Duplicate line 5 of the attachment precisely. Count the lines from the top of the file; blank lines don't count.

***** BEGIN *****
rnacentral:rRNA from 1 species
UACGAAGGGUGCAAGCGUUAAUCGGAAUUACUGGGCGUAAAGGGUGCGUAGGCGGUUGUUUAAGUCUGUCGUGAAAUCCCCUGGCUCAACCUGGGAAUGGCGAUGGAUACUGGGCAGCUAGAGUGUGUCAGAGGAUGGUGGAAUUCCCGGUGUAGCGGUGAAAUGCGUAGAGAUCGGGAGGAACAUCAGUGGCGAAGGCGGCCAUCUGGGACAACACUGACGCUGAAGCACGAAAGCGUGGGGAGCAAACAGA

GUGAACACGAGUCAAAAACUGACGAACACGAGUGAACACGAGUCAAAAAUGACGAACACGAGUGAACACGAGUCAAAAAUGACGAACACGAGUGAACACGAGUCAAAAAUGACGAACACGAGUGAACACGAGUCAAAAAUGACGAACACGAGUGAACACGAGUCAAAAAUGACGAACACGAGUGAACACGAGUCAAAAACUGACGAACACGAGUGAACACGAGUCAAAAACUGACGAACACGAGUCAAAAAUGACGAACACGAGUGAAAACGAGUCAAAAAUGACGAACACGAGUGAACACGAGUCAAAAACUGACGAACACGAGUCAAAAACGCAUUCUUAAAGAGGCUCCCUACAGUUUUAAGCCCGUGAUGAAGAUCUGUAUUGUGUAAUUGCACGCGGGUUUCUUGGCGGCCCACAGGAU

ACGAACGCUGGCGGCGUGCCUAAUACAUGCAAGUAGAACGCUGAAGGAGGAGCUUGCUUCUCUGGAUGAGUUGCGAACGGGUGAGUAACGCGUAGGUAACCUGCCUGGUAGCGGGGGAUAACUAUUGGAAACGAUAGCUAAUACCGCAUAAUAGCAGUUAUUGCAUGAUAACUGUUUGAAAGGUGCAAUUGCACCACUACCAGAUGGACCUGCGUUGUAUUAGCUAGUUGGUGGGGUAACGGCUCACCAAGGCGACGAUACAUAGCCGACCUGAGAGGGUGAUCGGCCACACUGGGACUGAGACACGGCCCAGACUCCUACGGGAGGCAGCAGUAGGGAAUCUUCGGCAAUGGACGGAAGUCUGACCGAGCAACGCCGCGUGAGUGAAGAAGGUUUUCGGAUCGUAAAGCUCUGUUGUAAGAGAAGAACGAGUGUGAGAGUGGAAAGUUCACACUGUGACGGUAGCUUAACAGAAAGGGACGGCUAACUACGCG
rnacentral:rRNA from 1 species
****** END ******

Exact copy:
rnacentral:rRNA from 1 species